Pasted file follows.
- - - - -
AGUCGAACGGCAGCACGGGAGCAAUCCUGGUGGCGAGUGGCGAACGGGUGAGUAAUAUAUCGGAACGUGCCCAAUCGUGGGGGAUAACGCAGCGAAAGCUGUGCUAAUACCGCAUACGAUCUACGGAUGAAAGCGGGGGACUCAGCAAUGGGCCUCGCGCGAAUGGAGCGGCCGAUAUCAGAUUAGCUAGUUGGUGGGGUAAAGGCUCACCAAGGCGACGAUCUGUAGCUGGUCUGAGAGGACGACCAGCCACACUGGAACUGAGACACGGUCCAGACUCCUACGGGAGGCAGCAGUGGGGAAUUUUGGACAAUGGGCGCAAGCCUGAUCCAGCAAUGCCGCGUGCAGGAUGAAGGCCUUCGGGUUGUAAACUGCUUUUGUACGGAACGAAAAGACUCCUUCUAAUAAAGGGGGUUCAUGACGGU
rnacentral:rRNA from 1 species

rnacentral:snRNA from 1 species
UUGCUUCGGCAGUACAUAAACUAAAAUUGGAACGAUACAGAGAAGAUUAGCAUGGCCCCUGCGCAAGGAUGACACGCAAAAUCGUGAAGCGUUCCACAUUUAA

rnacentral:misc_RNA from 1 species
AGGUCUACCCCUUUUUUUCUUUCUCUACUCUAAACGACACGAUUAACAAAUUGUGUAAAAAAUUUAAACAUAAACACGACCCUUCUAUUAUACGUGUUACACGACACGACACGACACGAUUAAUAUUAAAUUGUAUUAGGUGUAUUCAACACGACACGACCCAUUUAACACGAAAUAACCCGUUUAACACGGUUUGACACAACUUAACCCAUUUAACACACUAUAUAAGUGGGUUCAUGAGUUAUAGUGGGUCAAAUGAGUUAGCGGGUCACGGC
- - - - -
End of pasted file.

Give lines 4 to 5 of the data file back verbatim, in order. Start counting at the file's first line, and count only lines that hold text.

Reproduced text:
UUGCUUCGGCAGUACAUAAACUAAAAUUGGAACGAUACAGAGAAGAUUAGCAUGGCCCCUGCGCAAGGAUGACACGCAAAAUCGUGAAGCGUUCCACAUUUAA

rnacentral:misc_RNA from 1 species